Upland Forest Restoration Monitoring

Since 2002 we have initiated several upland forest restoration trials and research projects that focus on forest responses to restoration techniques. The most recent is a trial to evaluate selected tree species and populations from more southern seed zones for their ability to grow and reproduce under conditions expected with global climate change. Other projects include a trial on upland restoration planting in forest gaps, a restoration thinning trial to evaluate tree and understory growth response to different patterns and levels of thinning in young forests, a slash treatment trial, and an ecological thinning experiment.

Beetles Tree Bark

See slideshow of the bark beetle monitoring project.

The latter project was designed and sampled in collaboration with scientists from the University of Washington and aims to study the relationship of understory vegetation development with different patterns of overstory tree removal. Results of these studies will have great value in the design of future upland forest habitat restoration projects.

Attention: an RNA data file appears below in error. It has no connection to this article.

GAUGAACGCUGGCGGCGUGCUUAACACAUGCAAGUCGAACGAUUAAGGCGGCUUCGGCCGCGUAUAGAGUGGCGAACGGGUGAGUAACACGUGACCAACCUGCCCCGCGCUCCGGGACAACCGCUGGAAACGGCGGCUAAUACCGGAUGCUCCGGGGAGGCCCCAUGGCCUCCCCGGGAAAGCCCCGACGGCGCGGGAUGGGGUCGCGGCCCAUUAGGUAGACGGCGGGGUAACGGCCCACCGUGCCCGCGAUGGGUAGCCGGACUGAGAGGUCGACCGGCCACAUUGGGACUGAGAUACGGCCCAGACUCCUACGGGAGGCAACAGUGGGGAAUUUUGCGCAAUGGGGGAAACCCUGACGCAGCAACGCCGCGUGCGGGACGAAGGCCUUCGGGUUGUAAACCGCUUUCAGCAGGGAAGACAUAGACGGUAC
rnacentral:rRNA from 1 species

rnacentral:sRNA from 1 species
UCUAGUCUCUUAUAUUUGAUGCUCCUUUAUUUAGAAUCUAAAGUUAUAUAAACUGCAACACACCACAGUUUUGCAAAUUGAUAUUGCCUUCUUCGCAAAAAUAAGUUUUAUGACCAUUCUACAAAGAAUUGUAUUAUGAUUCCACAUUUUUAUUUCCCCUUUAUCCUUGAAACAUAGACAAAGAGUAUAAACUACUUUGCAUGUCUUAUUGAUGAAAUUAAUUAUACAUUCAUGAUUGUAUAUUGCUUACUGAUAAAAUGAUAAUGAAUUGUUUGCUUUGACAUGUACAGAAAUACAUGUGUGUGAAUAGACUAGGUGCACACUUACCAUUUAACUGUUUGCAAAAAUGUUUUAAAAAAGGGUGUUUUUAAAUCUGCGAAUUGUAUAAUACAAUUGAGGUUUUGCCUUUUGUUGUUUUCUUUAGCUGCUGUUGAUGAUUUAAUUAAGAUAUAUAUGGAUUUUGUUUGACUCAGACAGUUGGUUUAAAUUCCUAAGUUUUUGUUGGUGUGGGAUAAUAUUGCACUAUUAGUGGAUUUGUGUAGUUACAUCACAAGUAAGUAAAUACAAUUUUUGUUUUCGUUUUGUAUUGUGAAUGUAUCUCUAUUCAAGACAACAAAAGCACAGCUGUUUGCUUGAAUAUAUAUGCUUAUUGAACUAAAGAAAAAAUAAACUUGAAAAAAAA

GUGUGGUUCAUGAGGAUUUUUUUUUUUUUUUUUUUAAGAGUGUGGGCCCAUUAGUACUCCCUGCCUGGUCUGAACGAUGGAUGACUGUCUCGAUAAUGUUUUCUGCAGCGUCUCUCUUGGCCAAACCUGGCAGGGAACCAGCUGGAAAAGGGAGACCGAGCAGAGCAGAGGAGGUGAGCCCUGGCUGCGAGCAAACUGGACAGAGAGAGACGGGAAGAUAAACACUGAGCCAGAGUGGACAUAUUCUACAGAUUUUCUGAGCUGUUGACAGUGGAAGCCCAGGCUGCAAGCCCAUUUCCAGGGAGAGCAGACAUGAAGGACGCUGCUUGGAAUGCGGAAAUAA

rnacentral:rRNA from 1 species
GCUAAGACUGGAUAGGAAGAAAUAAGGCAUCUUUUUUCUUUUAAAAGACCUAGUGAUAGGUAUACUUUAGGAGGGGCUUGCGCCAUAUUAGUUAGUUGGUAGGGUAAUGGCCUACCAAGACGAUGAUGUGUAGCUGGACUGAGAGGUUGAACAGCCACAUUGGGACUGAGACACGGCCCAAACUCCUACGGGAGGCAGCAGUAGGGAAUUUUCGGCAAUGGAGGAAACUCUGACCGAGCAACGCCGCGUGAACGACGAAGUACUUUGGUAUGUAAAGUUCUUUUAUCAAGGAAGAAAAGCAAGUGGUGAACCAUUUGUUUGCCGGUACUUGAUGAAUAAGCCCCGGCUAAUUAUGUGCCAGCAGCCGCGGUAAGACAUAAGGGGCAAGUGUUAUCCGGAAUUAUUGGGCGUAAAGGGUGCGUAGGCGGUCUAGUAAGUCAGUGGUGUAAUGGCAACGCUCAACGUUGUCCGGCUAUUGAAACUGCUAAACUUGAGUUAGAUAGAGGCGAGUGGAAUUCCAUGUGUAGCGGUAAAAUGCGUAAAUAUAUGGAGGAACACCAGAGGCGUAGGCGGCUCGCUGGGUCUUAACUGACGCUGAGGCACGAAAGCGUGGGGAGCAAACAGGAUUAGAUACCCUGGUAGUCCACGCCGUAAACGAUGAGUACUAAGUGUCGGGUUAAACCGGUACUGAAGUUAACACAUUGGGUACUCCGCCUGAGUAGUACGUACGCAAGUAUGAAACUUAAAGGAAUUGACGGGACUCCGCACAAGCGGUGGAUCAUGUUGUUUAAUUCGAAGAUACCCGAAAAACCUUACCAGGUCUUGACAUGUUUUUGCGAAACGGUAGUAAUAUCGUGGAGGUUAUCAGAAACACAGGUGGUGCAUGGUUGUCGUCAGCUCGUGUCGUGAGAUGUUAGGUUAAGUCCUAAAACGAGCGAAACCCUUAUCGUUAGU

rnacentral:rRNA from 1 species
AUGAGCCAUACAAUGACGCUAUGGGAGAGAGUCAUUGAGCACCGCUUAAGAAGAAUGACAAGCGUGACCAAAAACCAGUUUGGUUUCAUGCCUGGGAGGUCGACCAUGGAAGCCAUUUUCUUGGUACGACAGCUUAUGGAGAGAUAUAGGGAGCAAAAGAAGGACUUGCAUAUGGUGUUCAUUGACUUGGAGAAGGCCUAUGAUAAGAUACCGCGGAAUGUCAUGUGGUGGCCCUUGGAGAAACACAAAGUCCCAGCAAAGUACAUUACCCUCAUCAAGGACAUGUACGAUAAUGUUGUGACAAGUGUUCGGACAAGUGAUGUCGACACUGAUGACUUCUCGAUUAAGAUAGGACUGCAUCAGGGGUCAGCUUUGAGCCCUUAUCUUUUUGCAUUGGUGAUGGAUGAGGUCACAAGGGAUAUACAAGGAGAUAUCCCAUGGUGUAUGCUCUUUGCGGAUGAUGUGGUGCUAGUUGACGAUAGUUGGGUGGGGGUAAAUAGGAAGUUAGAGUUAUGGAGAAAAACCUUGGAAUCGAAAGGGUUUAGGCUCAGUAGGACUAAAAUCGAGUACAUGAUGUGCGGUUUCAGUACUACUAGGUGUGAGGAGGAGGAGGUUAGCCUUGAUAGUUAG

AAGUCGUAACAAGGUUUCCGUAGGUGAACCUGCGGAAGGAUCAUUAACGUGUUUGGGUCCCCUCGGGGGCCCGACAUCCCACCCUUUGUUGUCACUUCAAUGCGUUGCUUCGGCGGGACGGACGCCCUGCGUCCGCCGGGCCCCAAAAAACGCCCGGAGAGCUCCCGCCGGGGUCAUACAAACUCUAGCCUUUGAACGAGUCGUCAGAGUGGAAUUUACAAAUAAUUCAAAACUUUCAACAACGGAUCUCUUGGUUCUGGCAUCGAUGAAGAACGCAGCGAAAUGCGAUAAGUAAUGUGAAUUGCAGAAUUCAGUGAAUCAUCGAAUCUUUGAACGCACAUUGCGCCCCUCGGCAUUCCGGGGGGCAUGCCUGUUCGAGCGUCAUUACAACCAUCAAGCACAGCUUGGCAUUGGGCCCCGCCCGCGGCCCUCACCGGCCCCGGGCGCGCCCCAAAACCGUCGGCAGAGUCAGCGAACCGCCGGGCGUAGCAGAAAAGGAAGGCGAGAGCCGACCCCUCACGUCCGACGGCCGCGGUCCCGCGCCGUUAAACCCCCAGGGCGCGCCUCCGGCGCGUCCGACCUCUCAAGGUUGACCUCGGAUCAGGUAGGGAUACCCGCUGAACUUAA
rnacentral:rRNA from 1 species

We have established projects that monitor the response of the forest to natural disturbance patterns. An example is a bark beetle study we initiated after a large windstorm blew down several thousand acres of forest in the lower watershed in 2003. This study is tracking the response of native Douglas-fir bark beetle populations to leaving the large number of trees on the forest floor after the storm.

We are also monitoring the results of selected active forest habitat restoration projects in order to track changes in forest structural development and plant species composition. Monitoring designs include pretreatment baseline information, control sites, and various schedules of resampling for overstory trees, forest structure, and understory vegetation development.

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